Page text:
Under the department's request for fiscal 2007, Israel and Egypt would receive $2.34 billion and $1.3 billion in military aid, respectively. Jordan would receive $206 million.
US row leads Syria to snub dollar

Syria has switched all of its government foreign exchange dealings from dollars to euros as part of a political stand-off with the US.

"The step aims to avoid any future disturbances," said Dureid Dergham, head of the Commercial Bank of Syria.

He said the move was necessary "in light of the current US threats against Syria, and the ensuing complications in banking procedures and transfer operations to Syria from US and European banks.”
Syria to Return Diplomatic Relations With Iraq

Vice President Farouk al-Shara has informed Leader of Sadrist movement in Iraq Moqtadah al-Sadr Syria’s decision to return diplomatic relations with Iraq and exchanging diplomatic representation on level of ambassadors after forming the new Iraqi government. “Returning the bilateral relations was axis of the talks with Shara and this would enhance cooperation and integration between Syria and Iraq,” al-Sadr added, stressing necessity of ending the occupation of Iraq.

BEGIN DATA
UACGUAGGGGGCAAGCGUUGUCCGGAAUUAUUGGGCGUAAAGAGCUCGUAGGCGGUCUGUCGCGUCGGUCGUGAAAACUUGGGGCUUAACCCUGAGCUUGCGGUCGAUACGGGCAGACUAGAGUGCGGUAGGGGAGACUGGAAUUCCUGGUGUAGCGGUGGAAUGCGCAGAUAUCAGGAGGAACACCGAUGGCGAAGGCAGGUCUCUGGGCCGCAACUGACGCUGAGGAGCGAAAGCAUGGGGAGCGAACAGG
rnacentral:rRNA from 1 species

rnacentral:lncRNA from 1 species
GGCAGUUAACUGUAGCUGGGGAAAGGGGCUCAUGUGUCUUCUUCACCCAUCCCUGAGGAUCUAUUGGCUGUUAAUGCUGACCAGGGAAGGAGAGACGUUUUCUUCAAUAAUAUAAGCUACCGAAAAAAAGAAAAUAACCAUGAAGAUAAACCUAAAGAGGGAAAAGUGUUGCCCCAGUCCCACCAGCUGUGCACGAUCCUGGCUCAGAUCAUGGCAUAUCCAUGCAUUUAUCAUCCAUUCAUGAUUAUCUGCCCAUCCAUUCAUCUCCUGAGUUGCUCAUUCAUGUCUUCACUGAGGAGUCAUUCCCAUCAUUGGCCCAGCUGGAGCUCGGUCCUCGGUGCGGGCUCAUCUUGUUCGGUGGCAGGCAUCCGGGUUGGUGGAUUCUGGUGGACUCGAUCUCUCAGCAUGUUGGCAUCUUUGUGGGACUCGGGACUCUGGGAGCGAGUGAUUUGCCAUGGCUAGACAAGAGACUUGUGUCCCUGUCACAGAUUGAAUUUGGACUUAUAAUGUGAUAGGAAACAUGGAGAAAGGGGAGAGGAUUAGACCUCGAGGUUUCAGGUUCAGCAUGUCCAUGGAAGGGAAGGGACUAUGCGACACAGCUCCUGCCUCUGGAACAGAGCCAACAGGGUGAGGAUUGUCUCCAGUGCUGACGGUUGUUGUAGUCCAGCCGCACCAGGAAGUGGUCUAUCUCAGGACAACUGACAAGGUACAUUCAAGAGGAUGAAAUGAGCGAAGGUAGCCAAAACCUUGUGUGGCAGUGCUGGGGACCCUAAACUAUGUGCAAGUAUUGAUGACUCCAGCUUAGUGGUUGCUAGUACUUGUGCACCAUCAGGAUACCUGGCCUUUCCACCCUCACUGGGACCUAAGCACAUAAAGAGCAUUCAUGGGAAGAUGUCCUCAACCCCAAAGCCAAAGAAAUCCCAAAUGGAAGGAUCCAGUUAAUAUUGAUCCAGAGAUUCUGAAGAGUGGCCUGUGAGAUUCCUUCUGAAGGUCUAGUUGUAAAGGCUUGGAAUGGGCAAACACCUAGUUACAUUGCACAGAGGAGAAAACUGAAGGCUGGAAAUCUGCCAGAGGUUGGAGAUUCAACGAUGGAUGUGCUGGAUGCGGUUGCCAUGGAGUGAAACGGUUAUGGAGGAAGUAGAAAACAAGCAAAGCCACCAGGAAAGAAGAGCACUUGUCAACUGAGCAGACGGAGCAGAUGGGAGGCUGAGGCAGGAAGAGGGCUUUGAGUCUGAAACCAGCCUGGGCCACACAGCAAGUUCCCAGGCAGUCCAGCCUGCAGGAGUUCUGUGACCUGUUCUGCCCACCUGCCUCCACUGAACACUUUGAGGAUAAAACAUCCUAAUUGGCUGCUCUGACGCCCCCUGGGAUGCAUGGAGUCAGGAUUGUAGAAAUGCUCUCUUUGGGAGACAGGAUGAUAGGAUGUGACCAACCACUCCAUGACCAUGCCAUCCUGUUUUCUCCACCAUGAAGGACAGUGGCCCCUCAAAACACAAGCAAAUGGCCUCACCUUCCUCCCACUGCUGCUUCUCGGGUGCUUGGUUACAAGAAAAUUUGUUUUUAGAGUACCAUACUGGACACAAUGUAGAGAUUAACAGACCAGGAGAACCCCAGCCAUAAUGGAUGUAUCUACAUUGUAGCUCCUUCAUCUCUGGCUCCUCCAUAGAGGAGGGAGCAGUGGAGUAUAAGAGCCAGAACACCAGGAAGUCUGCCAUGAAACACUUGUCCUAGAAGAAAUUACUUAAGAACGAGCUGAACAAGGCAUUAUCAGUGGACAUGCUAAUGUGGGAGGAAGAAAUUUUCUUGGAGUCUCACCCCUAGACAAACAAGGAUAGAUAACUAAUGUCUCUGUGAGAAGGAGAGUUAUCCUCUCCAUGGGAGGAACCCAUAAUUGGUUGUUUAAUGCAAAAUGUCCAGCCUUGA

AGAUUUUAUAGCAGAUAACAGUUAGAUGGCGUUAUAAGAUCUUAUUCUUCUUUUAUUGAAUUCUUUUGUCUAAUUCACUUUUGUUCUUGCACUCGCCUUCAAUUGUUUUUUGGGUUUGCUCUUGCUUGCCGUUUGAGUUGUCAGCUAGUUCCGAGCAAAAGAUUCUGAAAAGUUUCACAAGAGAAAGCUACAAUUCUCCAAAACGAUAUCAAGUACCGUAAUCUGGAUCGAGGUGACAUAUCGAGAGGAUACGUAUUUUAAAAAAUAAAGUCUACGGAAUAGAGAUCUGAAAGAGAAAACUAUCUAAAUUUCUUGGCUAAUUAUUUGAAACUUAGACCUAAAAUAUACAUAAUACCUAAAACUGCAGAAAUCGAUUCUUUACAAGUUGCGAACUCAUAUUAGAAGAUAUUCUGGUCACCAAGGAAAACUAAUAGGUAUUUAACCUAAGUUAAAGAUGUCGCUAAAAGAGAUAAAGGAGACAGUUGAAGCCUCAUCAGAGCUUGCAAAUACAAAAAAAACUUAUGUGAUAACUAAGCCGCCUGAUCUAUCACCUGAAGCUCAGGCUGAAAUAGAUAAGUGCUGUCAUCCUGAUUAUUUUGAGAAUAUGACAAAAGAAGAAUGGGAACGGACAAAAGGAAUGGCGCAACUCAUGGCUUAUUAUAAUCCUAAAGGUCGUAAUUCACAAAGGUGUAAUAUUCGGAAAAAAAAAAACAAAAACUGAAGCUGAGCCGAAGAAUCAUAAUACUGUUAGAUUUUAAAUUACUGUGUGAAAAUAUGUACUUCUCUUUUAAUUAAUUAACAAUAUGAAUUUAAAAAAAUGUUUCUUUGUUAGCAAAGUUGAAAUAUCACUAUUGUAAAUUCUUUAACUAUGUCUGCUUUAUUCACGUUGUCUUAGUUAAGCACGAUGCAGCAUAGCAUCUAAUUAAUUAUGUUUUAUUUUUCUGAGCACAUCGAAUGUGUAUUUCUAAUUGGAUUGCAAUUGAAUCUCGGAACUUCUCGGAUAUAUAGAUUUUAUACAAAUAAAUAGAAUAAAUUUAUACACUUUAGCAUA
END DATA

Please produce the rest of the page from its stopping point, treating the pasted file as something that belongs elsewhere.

Claude Salhani, UPI's International Editor explains how "America's foes are circling their wagons."


At 2/15/2006 11:45:00 AM, Blogger Atassi said...

The big qustion that come first to my mind, Who authorized the re-arrest of Mr. Mamoun Homsi and Mr. Riad Saif ? And what was is the content of the coded message being sent by the regime to the US, Saudi and French by this re-arrest? Are we seeing a confusion and miscommunications in the security forces? I am guessing the security forces bosses began to lose control over the oppositions issue. for sure I am reading cracks and leaks in this story.

At 2/15/2006 02:45:00 PM, Blogger t_desco said...